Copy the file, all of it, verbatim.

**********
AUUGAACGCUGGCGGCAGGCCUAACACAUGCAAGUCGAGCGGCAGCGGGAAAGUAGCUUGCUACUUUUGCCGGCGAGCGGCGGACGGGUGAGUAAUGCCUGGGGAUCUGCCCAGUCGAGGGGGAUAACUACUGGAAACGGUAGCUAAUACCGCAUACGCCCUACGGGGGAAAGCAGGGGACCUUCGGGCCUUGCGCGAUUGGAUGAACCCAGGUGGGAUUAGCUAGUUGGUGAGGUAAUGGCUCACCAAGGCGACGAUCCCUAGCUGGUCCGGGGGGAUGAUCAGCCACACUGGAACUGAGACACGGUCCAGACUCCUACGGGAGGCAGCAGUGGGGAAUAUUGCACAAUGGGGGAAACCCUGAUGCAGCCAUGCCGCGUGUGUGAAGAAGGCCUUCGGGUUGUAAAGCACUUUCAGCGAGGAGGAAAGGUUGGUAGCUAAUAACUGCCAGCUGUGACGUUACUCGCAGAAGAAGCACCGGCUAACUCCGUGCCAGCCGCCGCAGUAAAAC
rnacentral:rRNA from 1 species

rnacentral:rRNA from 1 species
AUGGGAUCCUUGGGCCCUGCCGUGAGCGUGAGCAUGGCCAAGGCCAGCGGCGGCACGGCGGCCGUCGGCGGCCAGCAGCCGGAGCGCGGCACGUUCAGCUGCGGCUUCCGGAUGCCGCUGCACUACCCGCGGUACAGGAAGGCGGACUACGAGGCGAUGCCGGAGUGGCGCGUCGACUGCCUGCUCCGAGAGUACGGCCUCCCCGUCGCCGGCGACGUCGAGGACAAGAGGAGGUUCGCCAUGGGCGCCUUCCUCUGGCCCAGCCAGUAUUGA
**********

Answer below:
AUUGAACGCUGGCGGCAGGCCUAACACAUGCAAGUCGAGCGGCAGCGGGAAAGUAGCUUGCUACUUUUGCCGGCGAGCGGCGGACGGGUGAGUAAUGCCUGGGGAUCUGCCCAGUCGAGGGGGAUAACUACUGGAAACGGUAGCUAAUACCGCAUACGCCCUACGGGGGAAAGCAGGGGACCUUCGGGCCUUGCGCGAUUGGAUGAACCCAGGUGGGAUUAGCUAGUUGGUGAGGUAAUGGCUCACCAAGGCGACGAUCCCUAGCUGGUCCGGGGGGAUGAUCAGCCACACUGGAACUGAGACACGGUCCAGACUCCUACGGGAGGCAGCAGUGGGGAAUAUUGCACAAUGGGGGAAACCCUGAUGCAGCCAUGCCGCGUGUGUGAAGAAGGCCUUCGGGUUGUAAAGCACUUUCAGCGAGGAGGAAAGGUUGGUAGCUAAUAACUGCCAGCUGUGACGUUACUCGCAGAAGAAGCACCGGCUAACUCCGUGCCAGCCGCCGCAGUAAAAC
rnacentral:rRNA from 1 species

rnacentral:rRNA from 1 species
AUGGGAUCCUUGGGCCCUGCCGUGAGCGUGAGCAUGGCCAAGGCCAGCGGCGGCACGGCGGCCGUCGGCGGCCAGCAGCCGGAGCGCGGCACGUUCAGCUGCGGCUUCCGGAUGCCGCUGCACUACCCGCGGUACAGGAAGGCGGACUACGAGGCGAUGCCGGAGUGGCGCGUCGACUGCCUGCUCCGAGAGUACGGCCUCCCCGUCGCCGGCGACGUCGAGGACAAGAGGAGGUUCGCCAUGGGCGCCUUCCUCUGGCCCAGCCAGUAUUGA